Hawaiian Spiced Ahi

Hawaiian Spiced Ahi

We were so impressed with all of the food – everything that we had was so full of flavor and so well done!  I thought it couldn’t get any better, until I saw the dessert delivered to the table next to us.  The Chocolate Bomb.  Oh. My. God.  It looked so good that I immediately found more room for dessert in my belly.  The Chocolate Bomb was presented on a hazelnut crust with creme anglaise and fresh berry sticks.  Here’s the photo:
The Chocolate Bomb - Pure Heaven!

The Chocolate Bomb – Pure Heaven!

I don’t think any more words are required.  If you are near there – GO.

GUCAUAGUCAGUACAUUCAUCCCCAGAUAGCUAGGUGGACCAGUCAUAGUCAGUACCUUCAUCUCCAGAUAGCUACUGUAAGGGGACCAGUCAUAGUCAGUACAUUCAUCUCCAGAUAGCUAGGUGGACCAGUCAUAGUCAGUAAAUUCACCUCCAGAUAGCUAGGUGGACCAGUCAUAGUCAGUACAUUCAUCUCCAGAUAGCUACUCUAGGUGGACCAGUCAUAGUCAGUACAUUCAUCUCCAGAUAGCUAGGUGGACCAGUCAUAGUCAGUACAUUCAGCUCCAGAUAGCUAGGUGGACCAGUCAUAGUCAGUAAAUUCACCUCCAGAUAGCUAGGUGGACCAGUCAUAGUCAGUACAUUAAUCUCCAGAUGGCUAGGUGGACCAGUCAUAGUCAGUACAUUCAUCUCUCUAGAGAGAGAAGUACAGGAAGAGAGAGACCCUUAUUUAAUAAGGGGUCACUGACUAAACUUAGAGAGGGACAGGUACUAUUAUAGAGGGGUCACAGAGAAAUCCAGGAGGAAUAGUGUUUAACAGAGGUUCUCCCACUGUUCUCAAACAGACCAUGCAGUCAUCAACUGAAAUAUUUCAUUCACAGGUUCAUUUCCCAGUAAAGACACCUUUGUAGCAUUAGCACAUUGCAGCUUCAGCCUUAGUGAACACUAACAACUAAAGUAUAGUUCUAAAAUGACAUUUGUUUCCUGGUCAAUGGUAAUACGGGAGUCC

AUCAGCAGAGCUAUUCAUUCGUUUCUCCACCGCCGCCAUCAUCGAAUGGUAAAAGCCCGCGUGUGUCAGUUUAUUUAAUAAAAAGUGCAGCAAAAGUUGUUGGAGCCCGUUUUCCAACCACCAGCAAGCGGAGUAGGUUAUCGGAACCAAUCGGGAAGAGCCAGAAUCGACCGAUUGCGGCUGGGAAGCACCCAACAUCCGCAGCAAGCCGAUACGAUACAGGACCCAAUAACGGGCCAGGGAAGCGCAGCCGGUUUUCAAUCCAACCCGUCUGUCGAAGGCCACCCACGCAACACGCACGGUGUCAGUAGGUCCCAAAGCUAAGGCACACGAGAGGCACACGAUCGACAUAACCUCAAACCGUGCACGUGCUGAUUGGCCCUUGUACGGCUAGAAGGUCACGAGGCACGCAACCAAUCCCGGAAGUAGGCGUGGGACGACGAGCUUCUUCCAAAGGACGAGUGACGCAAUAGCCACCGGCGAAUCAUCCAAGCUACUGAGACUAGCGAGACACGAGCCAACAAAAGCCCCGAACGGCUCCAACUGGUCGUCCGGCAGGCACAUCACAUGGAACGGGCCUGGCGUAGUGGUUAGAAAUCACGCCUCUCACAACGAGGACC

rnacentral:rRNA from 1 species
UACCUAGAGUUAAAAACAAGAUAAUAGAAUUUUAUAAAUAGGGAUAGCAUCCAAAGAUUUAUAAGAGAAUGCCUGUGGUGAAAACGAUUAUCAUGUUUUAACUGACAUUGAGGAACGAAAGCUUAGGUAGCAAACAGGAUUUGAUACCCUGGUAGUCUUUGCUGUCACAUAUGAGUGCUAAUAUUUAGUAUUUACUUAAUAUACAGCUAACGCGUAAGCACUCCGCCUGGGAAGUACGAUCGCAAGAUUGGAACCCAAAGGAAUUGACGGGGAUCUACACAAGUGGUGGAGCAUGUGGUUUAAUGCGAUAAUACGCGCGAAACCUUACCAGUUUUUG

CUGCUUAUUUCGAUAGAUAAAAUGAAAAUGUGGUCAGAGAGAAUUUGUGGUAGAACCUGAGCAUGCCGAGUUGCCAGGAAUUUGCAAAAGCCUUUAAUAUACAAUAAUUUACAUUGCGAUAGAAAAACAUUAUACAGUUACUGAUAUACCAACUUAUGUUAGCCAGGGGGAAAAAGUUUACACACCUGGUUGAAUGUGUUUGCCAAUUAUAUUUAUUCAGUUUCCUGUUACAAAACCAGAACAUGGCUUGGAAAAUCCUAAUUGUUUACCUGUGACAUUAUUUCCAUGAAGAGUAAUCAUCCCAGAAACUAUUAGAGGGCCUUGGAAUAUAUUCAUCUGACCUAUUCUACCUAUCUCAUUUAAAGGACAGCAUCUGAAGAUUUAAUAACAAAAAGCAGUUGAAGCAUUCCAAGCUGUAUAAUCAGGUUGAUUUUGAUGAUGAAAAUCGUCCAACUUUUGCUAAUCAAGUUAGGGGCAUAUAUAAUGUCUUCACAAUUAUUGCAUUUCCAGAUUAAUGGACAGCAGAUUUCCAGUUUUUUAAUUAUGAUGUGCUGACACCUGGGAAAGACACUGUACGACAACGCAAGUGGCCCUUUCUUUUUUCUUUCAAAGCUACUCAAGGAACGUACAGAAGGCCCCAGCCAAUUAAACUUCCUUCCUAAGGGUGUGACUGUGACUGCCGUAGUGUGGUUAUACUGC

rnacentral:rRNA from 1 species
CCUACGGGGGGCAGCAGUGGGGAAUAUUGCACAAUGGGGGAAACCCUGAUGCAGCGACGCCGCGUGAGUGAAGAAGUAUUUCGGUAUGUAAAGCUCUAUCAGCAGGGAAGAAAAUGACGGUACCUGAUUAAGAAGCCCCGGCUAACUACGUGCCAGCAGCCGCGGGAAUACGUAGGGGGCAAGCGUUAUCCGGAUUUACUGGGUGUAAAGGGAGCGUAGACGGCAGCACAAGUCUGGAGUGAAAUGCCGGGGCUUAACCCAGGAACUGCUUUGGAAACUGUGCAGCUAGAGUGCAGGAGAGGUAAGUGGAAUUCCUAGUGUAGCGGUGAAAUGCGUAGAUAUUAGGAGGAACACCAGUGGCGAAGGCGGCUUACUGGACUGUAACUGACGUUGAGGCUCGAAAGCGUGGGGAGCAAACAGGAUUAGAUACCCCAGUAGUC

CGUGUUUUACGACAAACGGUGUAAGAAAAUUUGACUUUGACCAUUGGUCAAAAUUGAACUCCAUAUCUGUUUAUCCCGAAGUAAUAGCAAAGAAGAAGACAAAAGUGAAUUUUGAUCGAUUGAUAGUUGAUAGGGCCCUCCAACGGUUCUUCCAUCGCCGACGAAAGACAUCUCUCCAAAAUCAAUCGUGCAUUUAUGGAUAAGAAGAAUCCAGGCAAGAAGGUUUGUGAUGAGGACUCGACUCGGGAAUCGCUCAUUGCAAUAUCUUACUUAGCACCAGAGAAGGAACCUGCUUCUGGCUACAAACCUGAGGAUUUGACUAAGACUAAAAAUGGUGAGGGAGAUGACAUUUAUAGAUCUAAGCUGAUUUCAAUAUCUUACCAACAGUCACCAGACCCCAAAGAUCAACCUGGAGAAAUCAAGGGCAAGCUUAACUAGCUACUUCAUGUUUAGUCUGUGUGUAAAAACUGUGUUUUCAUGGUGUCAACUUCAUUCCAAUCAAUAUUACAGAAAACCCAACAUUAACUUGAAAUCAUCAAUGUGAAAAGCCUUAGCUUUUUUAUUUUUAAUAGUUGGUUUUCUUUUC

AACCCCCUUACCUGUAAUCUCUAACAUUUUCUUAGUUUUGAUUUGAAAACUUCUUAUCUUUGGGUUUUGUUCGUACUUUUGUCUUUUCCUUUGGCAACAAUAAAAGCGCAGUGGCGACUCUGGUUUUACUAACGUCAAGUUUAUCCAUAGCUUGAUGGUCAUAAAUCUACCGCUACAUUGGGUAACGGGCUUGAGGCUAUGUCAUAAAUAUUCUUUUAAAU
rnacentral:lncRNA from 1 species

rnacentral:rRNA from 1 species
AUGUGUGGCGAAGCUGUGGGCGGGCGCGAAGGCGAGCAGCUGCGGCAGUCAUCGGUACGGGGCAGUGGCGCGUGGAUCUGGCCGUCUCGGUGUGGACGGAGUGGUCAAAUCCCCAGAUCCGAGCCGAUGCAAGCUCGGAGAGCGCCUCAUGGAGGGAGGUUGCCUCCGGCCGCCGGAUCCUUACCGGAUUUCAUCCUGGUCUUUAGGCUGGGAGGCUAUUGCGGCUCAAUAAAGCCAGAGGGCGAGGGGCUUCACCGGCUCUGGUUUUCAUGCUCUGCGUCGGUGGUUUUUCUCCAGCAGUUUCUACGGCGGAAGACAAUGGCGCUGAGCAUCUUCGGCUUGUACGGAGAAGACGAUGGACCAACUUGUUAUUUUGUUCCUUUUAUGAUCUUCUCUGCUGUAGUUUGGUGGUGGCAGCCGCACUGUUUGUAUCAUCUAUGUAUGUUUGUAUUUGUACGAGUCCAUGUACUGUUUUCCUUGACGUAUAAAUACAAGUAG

California Road Trip: The 17 Mile Drive

After visiting the San Carlos de Borromeo Mission, we headed into the nearby town of Carmel-by-the-Sea.  Carmel is a cute, resort town a few miles away from Monterey, which has evolved as a quirky, artsy community over the years.  Back in the early 1900s, several well-known writers lived there, including Jack London, Ambrose Bierce, Upton Sinclair and Sinclair Lewis.  Apparently it is very dog friendly, with pups being welcomed in most shops and hotels and the outdoor areas of restaurants.  Clint Eastwood was the Mayor there for one term in the late 1980s.  Curiously, there is a law prohibiting wearing women from wearing heels over two inches high – to lessen the risk of lawsuits from tripping on the sidewalks, which are uneven from being pushed up by tree roots.  If you are interested in wearing high heels, don’t worry, you can get a permit for free from City Hall – and the law is not enforced.